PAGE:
Autism spectrum disorder (ASD) and intellectual disability (ID) are caused by a wide range of genetic mutations, a significant fraction of which reside in genes important for synaptic function. Studies have found that sensory, prefrontal, hippocampal, cerebellar, and striatal regions, as well as the circuits that connect them, are perturbed in mouse models of ASD and ID. Dissecting the disruptions in morphology and activity in these neural circuits might help us to understand the shared risk between the two disorders as well as their clinical heterogeneity. Treatments that target the balance between excitation and inhibition in these regions are able to reverse pathological phenotypes, elucidating this deficit as a commonality across models and opening new avenues for intervention.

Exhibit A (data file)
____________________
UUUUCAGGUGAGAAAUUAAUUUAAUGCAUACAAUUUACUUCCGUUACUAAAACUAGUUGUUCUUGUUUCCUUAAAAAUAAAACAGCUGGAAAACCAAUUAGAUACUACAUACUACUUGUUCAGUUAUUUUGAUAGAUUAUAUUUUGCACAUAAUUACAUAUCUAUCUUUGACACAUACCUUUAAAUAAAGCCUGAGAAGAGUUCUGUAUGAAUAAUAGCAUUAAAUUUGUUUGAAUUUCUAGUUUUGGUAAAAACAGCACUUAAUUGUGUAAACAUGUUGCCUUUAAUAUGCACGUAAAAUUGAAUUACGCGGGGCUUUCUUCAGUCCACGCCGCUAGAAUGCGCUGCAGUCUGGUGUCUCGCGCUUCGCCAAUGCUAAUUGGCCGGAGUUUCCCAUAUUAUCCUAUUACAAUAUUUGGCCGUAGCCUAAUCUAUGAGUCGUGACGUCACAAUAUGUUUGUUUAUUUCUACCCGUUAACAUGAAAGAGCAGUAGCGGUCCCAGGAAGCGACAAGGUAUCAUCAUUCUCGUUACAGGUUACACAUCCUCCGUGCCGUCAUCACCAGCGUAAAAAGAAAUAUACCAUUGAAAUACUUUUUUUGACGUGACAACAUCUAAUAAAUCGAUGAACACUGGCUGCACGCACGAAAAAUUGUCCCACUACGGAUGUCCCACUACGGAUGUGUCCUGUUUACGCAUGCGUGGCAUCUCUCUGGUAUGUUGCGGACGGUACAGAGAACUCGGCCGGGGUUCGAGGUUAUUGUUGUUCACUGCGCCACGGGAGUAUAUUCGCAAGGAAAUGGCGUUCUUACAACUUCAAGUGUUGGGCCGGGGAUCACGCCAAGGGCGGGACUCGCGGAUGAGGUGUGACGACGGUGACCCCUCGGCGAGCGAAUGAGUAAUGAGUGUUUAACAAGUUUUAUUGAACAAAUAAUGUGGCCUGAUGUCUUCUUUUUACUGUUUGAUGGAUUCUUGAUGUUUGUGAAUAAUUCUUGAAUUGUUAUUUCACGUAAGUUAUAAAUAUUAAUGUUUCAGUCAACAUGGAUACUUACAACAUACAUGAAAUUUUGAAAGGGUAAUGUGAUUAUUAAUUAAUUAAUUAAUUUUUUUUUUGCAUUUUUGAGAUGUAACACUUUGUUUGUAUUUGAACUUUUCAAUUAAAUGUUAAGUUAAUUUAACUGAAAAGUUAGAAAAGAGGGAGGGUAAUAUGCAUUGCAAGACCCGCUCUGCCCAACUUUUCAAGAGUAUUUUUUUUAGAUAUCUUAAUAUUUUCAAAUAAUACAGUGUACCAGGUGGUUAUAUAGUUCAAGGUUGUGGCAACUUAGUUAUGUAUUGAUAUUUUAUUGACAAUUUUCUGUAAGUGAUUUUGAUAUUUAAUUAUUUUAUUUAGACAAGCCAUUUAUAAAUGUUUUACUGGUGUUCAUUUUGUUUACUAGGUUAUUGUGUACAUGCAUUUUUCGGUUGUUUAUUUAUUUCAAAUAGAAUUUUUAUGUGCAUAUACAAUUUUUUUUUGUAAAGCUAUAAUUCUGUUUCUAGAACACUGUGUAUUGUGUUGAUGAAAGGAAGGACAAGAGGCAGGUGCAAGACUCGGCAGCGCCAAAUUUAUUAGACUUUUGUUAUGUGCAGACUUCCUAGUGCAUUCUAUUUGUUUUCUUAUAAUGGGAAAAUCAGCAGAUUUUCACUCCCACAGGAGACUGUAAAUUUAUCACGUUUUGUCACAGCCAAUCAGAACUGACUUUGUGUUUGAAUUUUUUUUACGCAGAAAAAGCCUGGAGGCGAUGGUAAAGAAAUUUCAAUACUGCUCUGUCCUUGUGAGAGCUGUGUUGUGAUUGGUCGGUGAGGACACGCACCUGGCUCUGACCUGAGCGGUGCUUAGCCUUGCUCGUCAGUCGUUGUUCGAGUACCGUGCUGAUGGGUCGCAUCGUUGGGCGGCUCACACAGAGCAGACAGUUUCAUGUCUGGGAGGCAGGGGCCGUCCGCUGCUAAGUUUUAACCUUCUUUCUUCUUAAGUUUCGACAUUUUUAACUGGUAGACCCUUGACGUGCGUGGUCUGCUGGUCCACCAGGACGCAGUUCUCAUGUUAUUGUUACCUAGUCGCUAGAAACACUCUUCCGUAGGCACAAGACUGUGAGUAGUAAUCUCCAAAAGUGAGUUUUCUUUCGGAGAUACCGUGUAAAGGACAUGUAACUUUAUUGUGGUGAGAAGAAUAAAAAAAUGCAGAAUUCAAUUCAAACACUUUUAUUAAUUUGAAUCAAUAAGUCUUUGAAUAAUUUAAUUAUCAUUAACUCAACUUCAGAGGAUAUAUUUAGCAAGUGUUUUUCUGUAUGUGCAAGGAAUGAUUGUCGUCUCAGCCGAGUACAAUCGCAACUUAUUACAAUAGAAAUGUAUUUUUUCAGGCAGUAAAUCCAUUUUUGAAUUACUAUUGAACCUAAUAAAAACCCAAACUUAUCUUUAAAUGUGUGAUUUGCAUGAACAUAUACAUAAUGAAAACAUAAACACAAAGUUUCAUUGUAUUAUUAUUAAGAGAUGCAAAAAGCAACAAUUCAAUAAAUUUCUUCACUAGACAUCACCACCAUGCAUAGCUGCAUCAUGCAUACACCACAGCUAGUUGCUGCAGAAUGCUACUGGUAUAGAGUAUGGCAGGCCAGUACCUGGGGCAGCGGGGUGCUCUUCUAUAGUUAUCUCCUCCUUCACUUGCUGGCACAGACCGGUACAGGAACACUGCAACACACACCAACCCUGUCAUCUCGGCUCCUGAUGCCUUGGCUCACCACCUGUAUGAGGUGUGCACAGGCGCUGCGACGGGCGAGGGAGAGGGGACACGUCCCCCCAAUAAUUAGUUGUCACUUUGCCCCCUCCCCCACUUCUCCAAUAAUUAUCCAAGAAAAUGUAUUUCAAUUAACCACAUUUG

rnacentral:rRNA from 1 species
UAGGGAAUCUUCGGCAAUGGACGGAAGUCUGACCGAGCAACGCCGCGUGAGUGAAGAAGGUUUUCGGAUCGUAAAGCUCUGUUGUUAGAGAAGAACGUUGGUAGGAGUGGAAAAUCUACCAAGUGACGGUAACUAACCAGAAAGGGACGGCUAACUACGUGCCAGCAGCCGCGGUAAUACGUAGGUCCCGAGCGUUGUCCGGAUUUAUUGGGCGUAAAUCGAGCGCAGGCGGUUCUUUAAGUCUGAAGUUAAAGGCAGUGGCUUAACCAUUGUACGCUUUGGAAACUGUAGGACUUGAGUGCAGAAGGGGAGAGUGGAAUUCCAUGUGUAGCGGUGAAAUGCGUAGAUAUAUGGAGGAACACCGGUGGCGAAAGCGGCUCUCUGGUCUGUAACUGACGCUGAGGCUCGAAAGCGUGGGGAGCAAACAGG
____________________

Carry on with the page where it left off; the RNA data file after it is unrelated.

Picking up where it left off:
Original languageEnglish
Pages (from-to)106-112
Number of pages7
JournalCurrent Opinion in Neurobiology
StatePublished - Feb 2018


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